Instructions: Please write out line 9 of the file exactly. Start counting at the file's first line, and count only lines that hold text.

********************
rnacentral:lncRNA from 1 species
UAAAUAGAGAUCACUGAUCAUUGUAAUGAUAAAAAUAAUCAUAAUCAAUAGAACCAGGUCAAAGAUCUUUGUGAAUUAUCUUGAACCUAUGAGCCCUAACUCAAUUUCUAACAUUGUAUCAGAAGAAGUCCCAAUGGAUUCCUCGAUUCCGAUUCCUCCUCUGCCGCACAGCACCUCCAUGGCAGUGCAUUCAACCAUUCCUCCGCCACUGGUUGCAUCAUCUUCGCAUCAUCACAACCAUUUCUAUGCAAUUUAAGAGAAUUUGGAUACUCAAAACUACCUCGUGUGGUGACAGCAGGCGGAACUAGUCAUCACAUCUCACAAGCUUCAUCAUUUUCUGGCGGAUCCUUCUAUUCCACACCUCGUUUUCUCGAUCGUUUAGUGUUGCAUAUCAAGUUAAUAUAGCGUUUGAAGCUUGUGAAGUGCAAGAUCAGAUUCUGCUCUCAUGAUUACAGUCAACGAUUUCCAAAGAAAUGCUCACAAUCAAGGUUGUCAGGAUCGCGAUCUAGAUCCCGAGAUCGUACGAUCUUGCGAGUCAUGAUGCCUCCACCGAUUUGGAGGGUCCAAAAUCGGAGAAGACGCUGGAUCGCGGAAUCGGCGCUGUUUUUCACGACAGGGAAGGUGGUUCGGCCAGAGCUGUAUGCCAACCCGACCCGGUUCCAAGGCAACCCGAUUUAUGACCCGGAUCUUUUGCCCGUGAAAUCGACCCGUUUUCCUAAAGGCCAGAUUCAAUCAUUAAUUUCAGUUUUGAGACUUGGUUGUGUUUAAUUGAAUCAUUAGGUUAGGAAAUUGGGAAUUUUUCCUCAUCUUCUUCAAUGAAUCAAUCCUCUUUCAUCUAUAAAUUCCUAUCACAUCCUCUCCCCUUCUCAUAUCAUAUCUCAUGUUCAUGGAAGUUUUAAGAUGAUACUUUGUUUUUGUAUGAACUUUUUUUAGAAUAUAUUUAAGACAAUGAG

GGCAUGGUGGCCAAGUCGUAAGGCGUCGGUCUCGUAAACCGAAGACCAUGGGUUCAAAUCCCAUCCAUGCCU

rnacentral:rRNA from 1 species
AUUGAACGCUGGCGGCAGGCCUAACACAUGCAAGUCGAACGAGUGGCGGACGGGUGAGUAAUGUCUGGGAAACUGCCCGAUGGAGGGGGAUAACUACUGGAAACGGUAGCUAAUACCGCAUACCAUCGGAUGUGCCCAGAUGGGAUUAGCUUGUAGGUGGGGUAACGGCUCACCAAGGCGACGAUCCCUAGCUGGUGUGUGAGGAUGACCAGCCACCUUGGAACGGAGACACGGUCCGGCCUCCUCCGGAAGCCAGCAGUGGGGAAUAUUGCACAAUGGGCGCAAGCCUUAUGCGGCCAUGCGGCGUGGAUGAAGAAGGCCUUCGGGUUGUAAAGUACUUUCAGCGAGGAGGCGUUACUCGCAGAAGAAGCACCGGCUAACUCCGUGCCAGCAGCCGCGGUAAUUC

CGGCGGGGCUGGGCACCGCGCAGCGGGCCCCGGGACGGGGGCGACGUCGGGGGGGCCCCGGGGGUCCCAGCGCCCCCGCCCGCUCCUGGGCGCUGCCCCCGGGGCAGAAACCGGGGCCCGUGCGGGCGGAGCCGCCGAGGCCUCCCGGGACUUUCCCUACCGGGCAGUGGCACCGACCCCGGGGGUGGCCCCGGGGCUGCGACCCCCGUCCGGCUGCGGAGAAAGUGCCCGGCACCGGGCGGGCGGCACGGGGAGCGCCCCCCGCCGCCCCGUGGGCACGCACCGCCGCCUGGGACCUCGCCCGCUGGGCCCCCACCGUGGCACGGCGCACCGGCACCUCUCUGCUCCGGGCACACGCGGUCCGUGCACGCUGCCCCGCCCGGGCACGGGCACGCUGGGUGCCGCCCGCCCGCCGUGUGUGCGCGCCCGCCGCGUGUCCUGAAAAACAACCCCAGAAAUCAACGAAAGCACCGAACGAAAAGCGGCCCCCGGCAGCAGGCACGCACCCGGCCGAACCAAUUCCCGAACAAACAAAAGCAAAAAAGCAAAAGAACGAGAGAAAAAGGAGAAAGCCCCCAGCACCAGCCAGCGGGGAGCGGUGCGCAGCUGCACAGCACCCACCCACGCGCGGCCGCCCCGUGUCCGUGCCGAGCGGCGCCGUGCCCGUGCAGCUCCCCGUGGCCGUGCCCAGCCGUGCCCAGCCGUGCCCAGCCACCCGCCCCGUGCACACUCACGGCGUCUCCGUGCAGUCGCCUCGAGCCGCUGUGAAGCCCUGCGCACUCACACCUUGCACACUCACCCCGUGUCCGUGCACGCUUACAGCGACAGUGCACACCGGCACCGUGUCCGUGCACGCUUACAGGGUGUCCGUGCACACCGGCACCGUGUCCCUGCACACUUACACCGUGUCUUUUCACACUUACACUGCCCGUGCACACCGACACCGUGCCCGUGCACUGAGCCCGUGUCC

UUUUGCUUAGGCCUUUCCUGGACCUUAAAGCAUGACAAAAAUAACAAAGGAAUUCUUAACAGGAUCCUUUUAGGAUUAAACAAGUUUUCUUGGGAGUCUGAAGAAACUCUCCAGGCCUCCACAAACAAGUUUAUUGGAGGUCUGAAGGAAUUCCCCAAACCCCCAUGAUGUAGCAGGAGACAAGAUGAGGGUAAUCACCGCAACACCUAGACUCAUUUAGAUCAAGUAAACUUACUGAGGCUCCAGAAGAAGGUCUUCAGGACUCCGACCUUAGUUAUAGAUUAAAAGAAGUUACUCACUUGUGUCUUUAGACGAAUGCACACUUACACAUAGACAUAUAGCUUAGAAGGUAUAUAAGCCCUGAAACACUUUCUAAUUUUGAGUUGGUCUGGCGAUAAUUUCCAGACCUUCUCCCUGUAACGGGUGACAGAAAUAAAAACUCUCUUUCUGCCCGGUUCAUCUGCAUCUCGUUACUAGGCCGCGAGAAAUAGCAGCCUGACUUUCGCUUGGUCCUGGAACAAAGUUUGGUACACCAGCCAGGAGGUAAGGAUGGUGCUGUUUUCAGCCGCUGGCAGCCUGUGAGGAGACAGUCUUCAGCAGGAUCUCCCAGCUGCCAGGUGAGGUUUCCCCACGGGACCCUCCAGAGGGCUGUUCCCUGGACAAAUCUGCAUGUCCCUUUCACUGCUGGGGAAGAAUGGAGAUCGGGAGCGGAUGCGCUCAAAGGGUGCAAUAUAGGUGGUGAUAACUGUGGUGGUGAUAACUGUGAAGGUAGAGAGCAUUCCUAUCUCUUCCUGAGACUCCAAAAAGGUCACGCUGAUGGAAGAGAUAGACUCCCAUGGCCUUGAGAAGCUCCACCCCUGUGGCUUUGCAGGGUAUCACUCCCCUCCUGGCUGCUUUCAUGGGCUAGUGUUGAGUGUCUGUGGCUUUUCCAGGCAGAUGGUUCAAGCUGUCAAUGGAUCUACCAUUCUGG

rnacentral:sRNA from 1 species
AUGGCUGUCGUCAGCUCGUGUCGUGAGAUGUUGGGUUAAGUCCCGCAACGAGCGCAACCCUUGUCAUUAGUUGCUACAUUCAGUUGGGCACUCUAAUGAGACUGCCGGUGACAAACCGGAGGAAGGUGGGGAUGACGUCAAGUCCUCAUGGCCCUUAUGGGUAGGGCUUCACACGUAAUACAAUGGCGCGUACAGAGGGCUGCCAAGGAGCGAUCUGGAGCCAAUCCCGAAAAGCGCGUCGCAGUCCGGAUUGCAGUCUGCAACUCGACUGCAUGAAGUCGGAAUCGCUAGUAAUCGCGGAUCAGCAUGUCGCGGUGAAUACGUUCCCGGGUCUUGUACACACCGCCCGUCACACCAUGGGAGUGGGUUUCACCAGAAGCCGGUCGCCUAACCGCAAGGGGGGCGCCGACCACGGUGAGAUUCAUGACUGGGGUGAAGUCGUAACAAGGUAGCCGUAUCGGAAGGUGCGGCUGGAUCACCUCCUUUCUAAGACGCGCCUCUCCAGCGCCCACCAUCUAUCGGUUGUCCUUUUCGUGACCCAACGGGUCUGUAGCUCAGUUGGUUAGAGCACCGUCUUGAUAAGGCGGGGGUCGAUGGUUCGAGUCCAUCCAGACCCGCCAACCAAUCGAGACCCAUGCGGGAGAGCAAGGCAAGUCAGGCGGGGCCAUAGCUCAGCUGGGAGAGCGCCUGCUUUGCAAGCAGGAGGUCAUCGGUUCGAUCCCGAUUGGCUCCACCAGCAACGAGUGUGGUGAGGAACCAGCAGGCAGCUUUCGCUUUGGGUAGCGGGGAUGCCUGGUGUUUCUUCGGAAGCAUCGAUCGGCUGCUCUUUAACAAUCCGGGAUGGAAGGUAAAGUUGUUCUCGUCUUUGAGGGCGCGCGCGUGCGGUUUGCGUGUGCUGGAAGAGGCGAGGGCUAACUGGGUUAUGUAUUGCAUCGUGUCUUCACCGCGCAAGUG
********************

AUGGCUGUCGUCAGCUCGUGUCGUGAGAUGUUGGGUUAAGUCCCGCAACGAGCGCAACCCUUGUCAUUAGUUGCUACAUUCAGUUGGGCACUCUAAUGAGACUGCCGGUGACAAACCGGAGGAAGGUGGGGAUGACGUCAAGUCCUCAUGGCCCUUAUGGGUAGGGCUUCACACGUAAUACAAUGGCGCGUACAGAGGGCUGCCAAGGAGCGAUCUGGAGCCAAUCCCGAAAAGCGCGUCGCAGUCCGGAUUGCAGUCUGCAACUCGACUGCAUGAAGUCGGAAUCGCUAGUAAUCGCGGAUCAGCAUGUCGCGGUGAAUACGUUCCCGGGUCUUGUACACACCGCCCGUCACACCAUGGGAGUGGGUUUCACCAGAAGCCGGUCGCCUAACCGCAAGGGGGGCGCCGACCACGGUGAGAUUCAUGACUGGGGUGAAGUCGUAACAAGGUAGCCGUAUCGGAAGGUGCGGCUGGAUCACCUCCUUUCUAAGACGCGCCUCUCCAGCGCCCACCAUCUAUCGGUUGUCCUUUUCGUGACCCAACGGGUCUGUAGCUCAGUUGGUUAGAGCACCGUCUUGAUAAGGCGGGGGUCGAUGGUUCGAGUCCAUCCAGACCCGCCAACCAAUCGAGACCCAUGCGGGAGAGCAAGGCAAGUCAGGCGGGGCCAUAGCUCAGCUGGGAGAGCGCCUGCUUUGCAAGCAGGAGGUCAUCGGUUCGAUCCCGAUUGGCUCCACCAGCAACGAGUGUGGUGAGGAACCAGCAGGCAGCUUUCGCUUUGGGUAGCGGGGAUGCCUGGUGUUUCUUCGGAAGCAUCGAUCGGCUGCUCUUUAACAAUCCGGGAUGGAAGGUAAAGUUGUUCUCGUCUUUGAGGGCGCGCGCGUGCGGUUUGCGUGUGCUGGAAGAGGCGAGGGCUAACUGGGUUAUGUAUUGCAUCGUGUCUUCACCGCGCAAGUG